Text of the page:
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May 16, 2013 14 min read

May 17, 2013 - This week's tablehopper: you gotta tip on the tightrope.

May 17, 2013 - This week's tablehopper: you gotta tip on the tightrope.
Table of Contents

This week's tablehopper: you gotta tip on the tightrope.                    

Oyster, pork belly, kimchi at Benu. Photo: ©

Ah yes, hello weekend. I can see you. So close. Although truth be told, I played a bit of hooky yesterday so I could attend the New Zealand wine tasting and pinot noir seminar with Bob Campbell, MW, which I followed up with a matinee of The Great Gatsby (talk about a visual extravaganza), a quick ramen pit stop at Suzu, and then a faaaaabulous night at the SF Symphony spring gala, watching Janelle Monáe bring the house down (and to their feet). I love this pic of her dancing with the crowd. Yesterday felt so damn abundant.

Tonight, the entertainment continues at ArtPadSF, and tomorrow morning I’ll be up bright and early to head to Sonoma with my dad (and friends) to watch the Sonoma Historic Motorsports Festival at Sonoma Raceway (my dad and I have a standing date each year—and he packs a mean picnic). I’m also going to see if I have time to get one last Negroni in at Tosca since Jeannette Etheredge has said Sunday is officially its last night as we know it. Sigh.

Yo, industry folks, if you are out and about on Monday (May 20th), be sure to check out the Culinary Agents launch party at Rye from 5pm-9pm, with hosted cocktails, wine, and small bites by 1760 (Acquerello’s new project). Details and how to RSVP here.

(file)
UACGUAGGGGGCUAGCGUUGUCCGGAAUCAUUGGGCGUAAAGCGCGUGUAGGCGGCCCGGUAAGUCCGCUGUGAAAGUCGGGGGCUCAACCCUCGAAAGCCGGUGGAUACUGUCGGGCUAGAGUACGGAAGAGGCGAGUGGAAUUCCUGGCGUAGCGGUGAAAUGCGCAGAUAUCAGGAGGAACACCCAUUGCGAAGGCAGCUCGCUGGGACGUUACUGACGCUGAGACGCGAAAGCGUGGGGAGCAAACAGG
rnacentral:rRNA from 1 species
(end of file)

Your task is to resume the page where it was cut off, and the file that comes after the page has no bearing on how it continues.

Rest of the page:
And hey there wonderful gentlemen aged 35-49 looking to meet some fab ladies, have you looked at the tablehopper singles event coming up on May 30th? Wine, women, and delish food, check it out. (Ladies, if you know any swell guys who should attend, please let them know, thanks!)

Oh, and this week on is my monthly roundup of five new restaurants to try this month. No big openings this month, but still plenty of tasty fun to hunt down.

Bon weekend! Marcia Gagliardi

(Oh, and since I got hit with “Marsha” last night—it’s actually Marcia rhymes with Garcia, mwah!)

the sponsor

This Round Is On Me... (hey, thanks!)

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The Wineries: V. Sattui Winery, Thomas George Estates, Mahoney Vineyards, Suacci Carciere, Fotinos Vineyard, Kendric Vineyards and fine Greek wines from Mani Imports.